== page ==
‘Staying In’ has offered unexpected positives, one of them is having time to think about what’s important. In these very difficult times, it has been lovely to see so many acts of human kindness and creativity. It has also been inspiring to see the interiors industry getting supportive with webinars and even a new charity aimed at giving NHS heroes, interior designed havens to come home to. I thought I would share with you some of the creative Staying-In inspiration that has caught my eye these past few weeks.
How are you all? I do hope that you and your loved ones are well? This is my first blog post since ‘you know what’. I can’t quite bring myself to mention it because the blog is primarily about sharing interior decorative beauty and will continue to do so. But with the seismic shock that one way or another we have all experienced, the virus has frozen in time everything that happened before March 2020.
Textile design is as much about storytelling as it is about design for me. The storytelling is important because I want to know how the design came about and from whom. When it comes to the plot, the quirkier, the better. Especially when the protagonist has not only worked as a set decorator in the world of film, for at least two of Britain’s most treasured interior brands, but whose debut fabric and wallpaper designs for Lewis & Wood are currently lining the walls of an interior designed shipping container in the Cumbrian Hills.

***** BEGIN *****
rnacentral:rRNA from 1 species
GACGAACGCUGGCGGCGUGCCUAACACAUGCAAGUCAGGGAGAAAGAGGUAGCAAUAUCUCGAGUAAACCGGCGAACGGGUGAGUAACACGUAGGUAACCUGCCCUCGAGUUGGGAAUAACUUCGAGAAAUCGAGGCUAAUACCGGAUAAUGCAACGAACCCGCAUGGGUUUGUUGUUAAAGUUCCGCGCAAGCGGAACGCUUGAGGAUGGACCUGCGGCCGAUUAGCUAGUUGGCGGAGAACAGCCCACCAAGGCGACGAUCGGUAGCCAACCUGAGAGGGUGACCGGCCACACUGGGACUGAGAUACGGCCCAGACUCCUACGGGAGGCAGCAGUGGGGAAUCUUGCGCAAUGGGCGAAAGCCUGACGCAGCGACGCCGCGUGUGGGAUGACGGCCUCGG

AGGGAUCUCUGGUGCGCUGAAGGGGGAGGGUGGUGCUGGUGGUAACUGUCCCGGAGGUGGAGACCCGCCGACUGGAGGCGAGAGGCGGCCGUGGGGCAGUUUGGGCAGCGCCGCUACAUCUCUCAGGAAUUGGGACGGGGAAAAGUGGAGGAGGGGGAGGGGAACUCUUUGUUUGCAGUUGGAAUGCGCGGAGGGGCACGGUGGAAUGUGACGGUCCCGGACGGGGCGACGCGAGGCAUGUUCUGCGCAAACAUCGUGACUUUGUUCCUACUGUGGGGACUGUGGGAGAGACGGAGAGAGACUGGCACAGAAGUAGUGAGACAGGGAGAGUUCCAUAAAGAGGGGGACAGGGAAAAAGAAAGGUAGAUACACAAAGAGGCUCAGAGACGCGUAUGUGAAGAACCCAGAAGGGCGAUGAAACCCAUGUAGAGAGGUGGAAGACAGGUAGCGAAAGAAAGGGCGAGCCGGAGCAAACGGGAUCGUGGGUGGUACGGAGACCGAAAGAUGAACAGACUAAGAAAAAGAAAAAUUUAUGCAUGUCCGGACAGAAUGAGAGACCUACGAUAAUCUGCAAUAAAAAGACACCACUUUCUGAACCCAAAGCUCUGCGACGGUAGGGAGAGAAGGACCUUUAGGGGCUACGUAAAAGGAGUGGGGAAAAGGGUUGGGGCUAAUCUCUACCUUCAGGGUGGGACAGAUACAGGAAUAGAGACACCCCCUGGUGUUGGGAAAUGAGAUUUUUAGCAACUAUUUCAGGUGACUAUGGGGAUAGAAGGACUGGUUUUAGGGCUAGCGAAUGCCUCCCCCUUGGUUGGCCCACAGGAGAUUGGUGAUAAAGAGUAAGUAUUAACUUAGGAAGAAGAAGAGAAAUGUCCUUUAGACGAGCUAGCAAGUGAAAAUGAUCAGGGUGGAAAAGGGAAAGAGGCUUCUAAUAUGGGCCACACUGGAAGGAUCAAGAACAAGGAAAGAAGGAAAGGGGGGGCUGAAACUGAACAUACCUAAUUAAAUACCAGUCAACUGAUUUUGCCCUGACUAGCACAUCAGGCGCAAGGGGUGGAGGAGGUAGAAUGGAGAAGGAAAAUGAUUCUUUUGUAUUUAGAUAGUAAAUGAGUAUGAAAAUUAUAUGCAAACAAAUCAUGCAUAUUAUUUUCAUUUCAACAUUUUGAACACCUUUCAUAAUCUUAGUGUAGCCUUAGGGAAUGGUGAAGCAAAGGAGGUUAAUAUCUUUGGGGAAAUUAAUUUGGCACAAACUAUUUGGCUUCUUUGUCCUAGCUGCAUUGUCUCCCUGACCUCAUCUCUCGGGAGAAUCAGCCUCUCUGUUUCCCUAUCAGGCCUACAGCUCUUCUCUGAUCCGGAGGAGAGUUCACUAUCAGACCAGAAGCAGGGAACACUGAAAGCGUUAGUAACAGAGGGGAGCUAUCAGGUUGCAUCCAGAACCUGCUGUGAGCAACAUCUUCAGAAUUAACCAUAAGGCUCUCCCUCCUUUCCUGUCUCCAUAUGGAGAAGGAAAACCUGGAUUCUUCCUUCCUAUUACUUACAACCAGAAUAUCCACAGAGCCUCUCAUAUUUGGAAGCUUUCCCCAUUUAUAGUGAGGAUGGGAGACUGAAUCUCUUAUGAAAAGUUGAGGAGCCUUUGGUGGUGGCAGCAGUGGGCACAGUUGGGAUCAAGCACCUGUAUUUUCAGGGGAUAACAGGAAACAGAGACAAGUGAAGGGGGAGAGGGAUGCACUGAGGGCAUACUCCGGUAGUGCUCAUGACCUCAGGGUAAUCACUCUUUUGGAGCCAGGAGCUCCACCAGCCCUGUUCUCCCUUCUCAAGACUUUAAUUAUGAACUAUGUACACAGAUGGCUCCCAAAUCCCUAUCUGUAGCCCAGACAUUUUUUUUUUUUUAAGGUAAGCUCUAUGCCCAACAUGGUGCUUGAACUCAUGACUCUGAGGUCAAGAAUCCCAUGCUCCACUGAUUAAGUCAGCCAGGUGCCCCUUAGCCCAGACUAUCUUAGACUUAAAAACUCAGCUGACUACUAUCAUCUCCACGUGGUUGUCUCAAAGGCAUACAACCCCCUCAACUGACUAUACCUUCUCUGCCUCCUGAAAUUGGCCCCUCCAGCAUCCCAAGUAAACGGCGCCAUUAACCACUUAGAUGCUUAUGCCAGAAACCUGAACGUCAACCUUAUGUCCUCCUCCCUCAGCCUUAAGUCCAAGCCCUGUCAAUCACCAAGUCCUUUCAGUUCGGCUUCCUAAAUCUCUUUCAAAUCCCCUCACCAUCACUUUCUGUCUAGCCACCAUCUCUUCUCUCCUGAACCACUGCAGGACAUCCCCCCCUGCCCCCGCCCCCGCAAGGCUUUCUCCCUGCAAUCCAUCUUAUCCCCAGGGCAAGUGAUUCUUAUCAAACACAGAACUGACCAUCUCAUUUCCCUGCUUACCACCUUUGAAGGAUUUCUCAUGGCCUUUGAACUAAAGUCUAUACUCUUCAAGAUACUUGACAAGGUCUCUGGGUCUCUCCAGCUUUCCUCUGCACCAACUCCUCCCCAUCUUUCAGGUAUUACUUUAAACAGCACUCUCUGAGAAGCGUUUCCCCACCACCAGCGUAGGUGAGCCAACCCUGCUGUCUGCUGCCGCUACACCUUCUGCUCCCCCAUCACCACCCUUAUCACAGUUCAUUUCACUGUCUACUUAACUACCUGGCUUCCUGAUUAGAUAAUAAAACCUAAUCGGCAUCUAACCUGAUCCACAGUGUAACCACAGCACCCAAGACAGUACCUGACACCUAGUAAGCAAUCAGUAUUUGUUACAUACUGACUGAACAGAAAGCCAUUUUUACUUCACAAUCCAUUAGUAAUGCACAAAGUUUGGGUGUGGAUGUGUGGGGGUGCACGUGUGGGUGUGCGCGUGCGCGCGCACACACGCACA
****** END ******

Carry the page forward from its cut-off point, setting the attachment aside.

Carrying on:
Watlington is a small Oxfordshire market town that is blessed with that rare species – a thriving independent high street. Nestled amongst farmland at the foot of the Chiltern Hills, it has ‘a butcher, a baker and a candlestick maker’. The butcher is called Tom, the 14-year-old baker (as featured in The Sunday Times) regularly creates queues halfway up the street for her pop-up bread sales, while the candlestick maker has show-stopping designer lighting. Oh, and the town is also about to launch its first Art Week.